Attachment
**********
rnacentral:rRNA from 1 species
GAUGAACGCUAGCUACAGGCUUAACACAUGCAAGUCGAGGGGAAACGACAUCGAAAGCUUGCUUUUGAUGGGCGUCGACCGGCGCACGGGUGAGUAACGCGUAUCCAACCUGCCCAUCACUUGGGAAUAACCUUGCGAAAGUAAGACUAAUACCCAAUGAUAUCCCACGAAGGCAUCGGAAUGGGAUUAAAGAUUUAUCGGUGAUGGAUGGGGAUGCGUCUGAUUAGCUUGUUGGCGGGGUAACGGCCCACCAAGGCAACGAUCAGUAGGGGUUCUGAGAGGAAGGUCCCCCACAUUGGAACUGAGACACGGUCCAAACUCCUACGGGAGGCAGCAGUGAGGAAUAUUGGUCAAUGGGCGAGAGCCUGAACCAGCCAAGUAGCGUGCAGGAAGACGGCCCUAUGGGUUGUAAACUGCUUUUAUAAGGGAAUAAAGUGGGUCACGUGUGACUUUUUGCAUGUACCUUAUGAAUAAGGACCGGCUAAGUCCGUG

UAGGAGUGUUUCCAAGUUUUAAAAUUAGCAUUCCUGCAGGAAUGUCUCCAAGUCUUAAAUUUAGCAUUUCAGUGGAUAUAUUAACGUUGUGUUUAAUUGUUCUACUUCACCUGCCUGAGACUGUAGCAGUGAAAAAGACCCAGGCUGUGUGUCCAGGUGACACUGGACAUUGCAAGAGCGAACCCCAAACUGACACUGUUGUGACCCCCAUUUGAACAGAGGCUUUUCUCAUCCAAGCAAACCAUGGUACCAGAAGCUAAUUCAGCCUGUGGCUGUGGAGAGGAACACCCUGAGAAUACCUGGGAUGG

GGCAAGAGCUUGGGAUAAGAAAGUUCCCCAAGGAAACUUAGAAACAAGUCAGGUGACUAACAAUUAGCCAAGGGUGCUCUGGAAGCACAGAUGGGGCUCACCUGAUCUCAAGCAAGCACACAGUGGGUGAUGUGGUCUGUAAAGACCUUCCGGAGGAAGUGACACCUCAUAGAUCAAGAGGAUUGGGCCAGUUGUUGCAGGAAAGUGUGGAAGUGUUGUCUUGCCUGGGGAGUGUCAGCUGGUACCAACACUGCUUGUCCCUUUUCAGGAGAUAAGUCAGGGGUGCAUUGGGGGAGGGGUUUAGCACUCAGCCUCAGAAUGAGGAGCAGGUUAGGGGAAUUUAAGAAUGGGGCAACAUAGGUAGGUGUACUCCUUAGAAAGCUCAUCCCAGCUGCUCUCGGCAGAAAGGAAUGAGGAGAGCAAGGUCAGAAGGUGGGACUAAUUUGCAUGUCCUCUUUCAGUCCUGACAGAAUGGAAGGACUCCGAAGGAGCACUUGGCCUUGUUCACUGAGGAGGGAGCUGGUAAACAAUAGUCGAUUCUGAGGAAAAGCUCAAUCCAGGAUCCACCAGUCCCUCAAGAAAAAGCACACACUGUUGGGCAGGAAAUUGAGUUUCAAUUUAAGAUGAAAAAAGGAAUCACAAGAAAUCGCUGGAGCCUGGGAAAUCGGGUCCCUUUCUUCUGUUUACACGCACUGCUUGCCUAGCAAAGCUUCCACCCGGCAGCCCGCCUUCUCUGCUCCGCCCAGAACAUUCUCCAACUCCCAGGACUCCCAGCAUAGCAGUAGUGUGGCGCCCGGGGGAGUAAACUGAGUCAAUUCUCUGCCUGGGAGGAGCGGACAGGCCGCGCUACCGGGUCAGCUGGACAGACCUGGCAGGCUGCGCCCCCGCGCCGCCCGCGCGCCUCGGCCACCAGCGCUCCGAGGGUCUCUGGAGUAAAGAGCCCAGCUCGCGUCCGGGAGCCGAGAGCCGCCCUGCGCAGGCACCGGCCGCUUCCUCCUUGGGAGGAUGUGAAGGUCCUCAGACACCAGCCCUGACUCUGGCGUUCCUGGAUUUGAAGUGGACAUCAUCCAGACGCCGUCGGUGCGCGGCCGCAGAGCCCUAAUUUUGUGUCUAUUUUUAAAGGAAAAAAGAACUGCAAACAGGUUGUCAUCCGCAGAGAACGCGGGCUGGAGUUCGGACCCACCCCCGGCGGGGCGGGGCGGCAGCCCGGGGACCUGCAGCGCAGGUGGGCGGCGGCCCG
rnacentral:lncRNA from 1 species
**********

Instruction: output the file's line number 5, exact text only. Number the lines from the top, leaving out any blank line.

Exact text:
rnacentral:lncRNA from 1 species